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Operations centre opened at new combined counter terrorism hub

Dedicated forensics facility due to open at Empress State Building later this year

The operations suite of the new Counter Operations Centre (CTOC) has now been opened in West London with a dedicated forensic facility designed for fast moving CT investigations due to open later this year.

The facility will allow investigators the opportunity to access some of the most advanced forensic science capabilities in the world, and the ability to do so in a much quicker and streamlined way according to the Met.

The new CTOC will continue to be built and developed within the Empress State Building in West Brompton over the next four years. Gradually, different functions, teams and organisations will move into the centre, in a phased approach designed to limit disruption to operational capability.

CTOC is part of the Metropolitan Police counter-terrorism and organised crime hub, which it started work on in 2018 and was set up with £412 million from the force and the London Mayor.

Chancellor Rishi Sunak recently pledged tens of millions for the state-of-the-art facility in his spending review to house CT senior officers and intelligence service staff under the same roof.

The 2018 investment included the £250m purchase of a site in London and a significant upgrade project to make the building and associated sites fully secure and fit for purpose. 

The idea then was to bring together the Met’s counter-terrorism command and specialist crime and operations under one roof,

The move was made to focus on a single site, and dispose of other buildings,

The London-based elements of CT policing will now be based in CTOC housed on the same site.

The development of the CTOC emerged in plans drawn up in the wake of MI5 and police reviews carried out after the terror attacks in London and Manchester in 2017.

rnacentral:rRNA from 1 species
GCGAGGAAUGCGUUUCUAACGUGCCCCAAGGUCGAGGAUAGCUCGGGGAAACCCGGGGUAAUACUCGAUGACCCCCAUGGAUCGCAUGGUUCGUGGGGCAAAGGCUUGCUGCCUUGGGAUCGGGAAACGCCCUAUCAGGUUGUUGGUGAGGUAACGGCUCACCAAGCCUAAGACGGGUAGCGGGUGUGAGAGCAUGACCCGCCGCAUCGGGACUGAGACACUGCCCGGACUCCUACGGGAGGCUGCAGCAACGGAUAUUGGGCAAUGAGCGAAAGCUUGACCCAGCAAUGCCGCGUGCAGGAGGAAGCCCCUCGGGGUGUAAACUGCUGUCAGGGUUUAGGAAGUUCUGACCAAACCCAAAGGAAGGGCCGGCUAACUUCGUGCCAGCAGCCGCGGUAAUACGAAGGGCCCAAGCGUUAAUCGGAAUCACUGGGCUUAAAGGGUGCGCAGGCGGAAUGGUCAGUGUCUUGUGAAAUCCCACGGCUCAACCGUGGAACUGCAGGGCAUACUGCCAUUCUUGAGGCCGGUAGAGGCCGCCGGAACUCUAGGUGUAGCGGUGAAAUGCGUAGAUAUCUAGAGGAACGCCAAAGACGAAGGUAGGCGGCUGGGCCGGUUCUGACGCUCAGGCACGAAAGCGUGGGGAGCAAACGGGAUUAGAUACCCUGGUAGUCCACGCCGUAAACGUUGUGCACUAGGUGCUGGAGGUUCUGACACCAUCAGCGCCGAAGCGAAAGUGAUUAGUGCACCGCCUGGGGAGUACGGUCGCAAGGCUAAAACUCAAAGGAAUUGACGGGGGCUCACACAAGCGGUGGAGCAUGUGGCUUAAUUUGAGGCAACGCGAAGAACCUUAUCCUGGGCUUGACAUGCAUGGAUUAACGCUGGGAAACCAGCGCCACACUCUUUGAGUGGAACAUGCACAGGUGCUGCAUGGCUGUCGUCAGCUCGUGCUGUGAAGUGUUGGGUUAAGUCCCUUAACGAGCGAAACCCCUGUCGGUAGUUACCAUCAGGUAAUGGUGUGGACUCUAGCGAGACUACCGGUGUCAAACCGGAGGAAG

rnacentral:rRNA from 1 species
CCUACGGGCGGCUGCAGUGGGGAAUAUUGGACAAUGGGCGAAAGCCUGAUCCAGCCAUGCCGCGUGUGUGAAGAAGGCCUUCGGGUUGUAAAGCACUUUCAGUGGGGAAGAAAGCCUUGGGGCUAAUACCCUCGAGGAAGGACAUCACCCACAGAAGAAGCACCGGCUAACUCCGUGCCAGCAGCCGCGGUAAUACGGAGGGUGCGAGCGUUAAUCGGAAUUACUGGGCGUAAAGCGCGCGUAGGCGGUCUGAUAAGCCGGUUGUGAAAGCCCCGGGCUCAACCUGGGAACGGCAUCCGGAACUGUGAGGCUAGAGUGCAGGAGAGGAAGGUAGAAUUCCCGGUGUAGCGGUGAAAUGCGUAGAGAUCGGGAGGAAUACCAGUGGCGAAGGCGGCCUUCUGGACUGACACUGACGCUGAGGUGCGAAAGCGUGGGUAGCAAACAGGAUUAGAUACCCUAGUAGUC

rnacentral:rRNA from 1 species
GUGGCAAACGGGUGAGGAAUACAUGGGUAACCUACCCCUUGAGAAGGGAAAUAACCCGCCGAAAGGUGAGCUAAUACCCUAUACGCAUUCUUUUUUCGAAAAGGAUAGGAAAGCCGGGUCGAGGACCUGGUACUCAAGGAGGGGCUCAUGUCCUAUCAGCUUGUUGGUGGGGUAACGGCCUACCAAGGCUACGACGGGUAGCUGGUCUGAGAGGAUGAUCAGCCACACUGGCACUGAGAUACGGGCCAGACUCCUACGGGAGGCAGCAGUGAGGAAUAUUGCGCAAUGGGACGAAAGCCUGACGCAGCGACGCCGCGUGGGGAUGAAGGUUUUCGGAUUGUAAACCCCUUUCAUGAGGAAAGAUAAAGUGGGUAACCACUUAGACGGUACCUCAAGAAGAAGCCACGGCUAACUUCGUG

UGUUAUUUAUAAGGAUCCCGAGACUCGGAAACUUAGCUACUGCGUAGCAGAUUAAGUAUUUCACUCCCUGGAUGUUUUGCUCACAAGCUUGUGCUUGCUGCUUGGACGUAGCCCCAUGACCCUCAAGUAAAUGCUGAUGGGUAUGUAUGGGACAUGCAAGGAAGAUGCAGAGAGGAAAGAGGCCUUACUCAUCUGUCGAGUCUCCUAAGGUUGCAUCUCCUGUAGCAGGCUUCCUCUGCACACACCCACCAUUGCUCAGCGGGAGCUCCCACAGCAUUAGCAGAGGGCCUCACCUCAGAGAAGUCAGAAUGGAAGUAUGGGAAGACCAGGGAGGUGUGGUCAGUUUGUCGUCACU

A report from Lord Anderson, the former Independent Reviewer of Terrorism Legislation, found that the police and security services should improve their collaboration and share intelligence more widely.

The new centre will provide a facilty for intelligence agencies and senior CT police officers to work together to disrupt threats.

It said it would also install “smarter working practices and cultures, rationalising processes and structures, and boosting innovation with new forms of collaboration.”

The CTOC will be a new part of the overall UK CT response – bringing together, for the first time, all the London-based CT elements in one place.

The first completed section of the new CTOC was visited on Monday, 28 June by the Home Secretary, Priti Patel and the Mayor of London, Sadiq Khan. 

They were shown the new operations suite by the Metropolitan Police Commissioner Cressida Dick, Assistant Commissioner Neil Basu and the Director General of MI5, Ken McCallum. The Mayor and Home Secretary also met and spoke with staff and officers who will be working from the CTOC.

Commissioner Cressida Dick said: "The need for closer collaboration between agencies is something that came out of the review that I and the Director General of MI5 committed our organisations to undertake following the devastating terrorist attacks in 2017. I’m delighted that we’re seeing the tangible outcomes from that review.

“The opening of the new operations suite marks another significant step on the journey to delivering this world-class facility here in London and I would like to thank both the Mayor of London and the Government for their continued support with this project. 

Ken McCallum, Director General for MI5 said: “Finding concealed threats is a difficult job. We’re always looking for ways to shave the odds in our favour. 

"We know our chances of success are better when we combine the knowledge and the skills of experts from different organisations, fighting terrorism as a single team. CTOC is a massive next step on that journey – a world first.

“CTOC is built around the needs of the public, not the convenience of institutions.”

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